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Inside-Out Immunotherapy: Combating Neuroblastoma via Nanoparticle-Directed Reprogramming of the Tumor Microenvironment

Vanderbilt University Medical Center
John Wilson, PhD
Grant Type: 
'A' Award Grants
Year Awarded: 
Type of Childhood Cancer: 
Project Description: 


Approximately 50% of children with neuroblastoma have an aggressive and high-risk form of the disease. Despite intensive surgery, chemotherapy, and radiation, the survival rate for these patients is unacceptably low (<40%). This need for fundamentally new approaches to combat NB motivates the objectives of this project.

The immune system has an intrinsic ability to find and destroy cancer cells. But neuroblastoma tumors have developed mechanisms protect themselves against this assault by creating a local "microenvironment" that suppresses the tumor killing capacity of the immune system.

Project Goal

The goal of this project is to develop and evaluate a new class of therapeutic that "retrains" the immune system to eliminate neuroblastoma and prevent its recurrence. To accomplish this, we will develop a simple and safe material that can be injected directly into neuroblastoma tumors that cannot be completely removed by surgery. We will engineer this material to sustain the release of a single therapeutic agent that we have designed to target two molecules that regulate immune responses. The first, PD-L1, suppresses the tumor killing ability of immune cells in the tumor, and so we will inhibit PD-L1. The second, RIG-I, helps the immune system kill tumor cells, and so we will activate this pathway. This process will "re-awaken" the immune cells within the tumor, allowing them to kill surrounding cancer cells, while also turning the tumor site "inside-out" by activating immune cells that can search for and destroy neuroblastoma cells throughout the body and "remember" how to kill these cells if they return.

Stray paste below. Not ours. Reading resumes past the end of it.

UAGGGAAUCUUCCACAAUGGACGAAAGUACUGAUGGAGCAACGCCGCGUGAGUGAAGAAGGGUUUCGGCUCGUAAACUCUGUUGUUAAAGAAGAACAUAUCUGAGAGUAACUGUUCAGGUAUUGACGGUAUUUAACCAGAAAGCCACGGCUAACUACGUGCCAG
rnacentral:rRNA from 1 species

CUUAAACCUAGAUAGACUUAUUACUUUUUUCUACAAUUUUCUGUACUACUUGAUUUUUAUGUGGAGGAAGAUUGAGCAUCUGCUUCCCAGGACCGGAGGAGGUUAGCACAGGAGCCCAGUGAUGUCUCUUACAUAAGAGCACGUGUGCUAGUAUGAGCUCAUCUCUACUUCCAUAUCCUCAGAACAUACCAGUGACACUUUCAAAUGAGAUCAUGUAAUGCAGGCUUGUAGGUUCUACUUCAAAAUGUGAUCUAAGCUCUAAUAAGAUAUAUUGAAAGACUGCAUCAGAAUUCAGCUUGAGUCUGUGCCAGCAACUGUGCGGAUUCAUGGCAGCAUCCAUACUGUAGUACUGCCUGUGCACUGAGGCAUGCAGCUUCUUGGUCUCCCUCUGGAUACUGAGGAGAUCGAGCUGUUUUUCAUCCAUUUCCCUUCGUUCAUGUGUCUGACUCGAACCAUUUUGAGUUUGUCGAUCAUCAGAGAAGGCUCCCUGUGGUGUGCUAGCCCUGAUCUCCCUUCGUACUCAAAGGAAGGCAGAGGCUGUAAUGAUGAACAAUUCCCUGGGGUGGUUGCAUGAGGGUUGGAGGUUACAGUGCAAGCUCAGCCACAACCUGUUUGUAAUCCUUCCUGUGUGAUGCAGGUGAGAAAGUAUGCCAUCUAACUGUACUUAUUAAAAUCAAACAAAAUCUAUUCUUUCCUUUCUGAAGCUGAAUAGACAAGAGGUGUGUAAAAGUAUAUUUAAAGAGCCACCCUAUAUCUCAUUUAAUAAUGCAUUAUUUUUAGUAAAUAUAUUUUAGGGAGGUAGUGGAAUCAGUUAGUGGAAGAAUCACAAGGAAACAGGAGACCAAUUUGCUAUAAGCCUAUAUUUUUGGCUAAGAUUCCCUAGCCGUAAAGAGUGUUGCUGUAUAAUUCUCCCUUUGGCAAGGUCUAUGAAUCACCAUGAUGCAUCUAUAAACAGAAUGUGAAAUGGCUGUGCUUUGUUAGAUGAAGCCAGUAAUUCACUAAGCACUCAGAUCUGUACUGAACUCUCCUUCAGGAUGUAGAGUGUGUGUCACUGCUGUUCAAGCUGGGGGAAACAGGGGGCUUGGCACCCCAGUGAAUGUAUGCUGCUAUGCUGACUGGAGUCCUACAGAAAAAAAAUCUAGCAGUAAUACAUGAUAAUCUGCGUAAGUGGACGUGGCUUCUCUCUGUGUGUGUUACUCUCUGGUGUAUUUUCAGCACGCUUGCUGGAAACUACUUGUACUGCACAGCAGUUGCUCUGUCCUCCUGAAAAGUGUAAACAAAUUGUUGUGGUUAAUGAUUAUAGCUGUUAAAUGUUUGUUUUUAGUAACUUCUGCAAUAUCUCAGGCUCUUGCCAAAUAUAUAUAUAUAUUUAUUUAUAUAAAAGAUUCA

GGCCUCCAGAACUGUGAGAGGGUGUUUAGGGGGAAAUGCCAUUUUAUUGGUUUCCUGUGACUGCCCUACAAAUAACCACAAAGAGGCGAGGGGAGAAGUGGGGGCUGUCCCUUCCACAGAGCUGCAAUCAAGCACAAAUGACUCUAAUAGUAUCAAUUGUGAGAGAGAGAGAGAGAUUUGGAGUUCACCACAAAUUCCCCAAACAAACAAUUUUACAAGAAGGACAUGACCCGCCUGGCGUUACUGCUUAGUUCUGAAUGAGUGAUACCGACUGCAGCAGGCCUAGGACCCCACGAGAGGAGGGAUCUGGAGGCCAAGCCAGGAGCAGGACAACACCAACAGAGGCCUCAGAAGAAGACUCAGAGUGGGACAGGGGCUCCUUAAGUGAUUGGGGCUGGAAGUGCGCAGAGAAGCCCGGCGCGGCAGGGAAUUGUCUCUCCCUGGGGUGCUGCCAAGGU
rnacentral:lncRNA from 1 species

“I very am honored and excited to have received this award from ALSF. My lab
works at the intersection of engineering and immunology, and we are interested
in innovating new technologies for modulating and understanding the immune
system. This support from ALSF provides an amazing opportunity for our group
to tackle challenges in pediatric cancer from this unique perspective, and will
jump-start our work in developing new therapeutics and drug delivery strategies
for neuroblastoma immunotherapy. I am also excited about the interdisciplinary
collaborations and relationships that this award will help foster, which I think will
inspire creative new ideas that get us closer to finding cures for childhood
- John Wilson